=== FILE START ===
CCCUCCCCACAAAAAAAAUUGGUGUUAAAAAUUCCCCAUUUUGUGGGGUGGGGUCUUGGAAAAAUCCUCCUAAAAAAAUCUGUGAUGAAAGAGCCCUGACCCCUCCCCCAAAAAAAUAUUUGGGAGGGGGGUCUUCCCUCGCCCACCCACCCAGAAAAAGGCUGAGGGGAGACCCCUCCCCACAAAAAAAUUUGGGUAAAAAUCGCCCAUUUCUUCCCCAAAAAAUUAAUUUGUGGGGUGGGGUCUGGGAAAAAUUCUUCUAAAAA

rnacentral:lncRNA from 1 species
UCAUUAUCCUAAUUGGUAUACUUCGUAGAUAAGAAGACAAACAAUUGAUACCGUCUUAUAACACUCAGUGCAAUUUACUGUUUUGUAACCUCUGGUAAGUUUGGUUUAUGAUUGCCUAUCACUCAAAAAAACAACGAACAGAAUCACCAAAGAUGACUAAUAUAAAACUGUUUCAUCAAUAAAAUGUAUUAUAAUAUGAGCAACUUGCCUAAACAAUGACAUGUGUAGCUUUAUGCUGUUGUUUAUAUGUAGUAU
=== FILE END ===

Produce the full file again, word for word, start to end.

CCCUCCCCACAAAAAAAAUUGGUGUUAAAAAUUCCCCAUUUUGUGGGGUGGGGUCUUGGAAAAAUCCUCCUAAAAAAAUCUGUGAUGAAAGAGCCCUGACCCCUCCCCCAAAAAAAUAUUUGGGAGGGGGGUCUUCCCUCGCCCACCCACCCAGAAAAAGGCUGAGGGGAGACCCCUCCCCACAAAAAAAUUUGGGUAAAAAUCGCCCAUUUCUUCCCCAAAAAAUUAAUUUGUGGGGUGGGGUCUGGGAAAAAUUCUUCUAAAAA

rnacentral:lncRNA from 1 species
UCAUUAUCCUAAUUGGUAUACUUCGUAGAUAAGAAGACAAACAAUUGAUACCGUCUUAUAACACUCAGUGCAAUUUACUGUUUUGUAACCUCUGGUAAGUUUGGUUUAUGAUUGCCUAUCACUCAAAAAAACAACGAACAGAAUCACCAAAGAUGACUAAUAUAAAACUGUUUCAUCAAUAAAAUGUAUUAUAAUAUGAGCAACUUGCCUAAACAAUGACAUGUGUAGCUUUAUGCUGUUGUUUAUAUGUAGUAU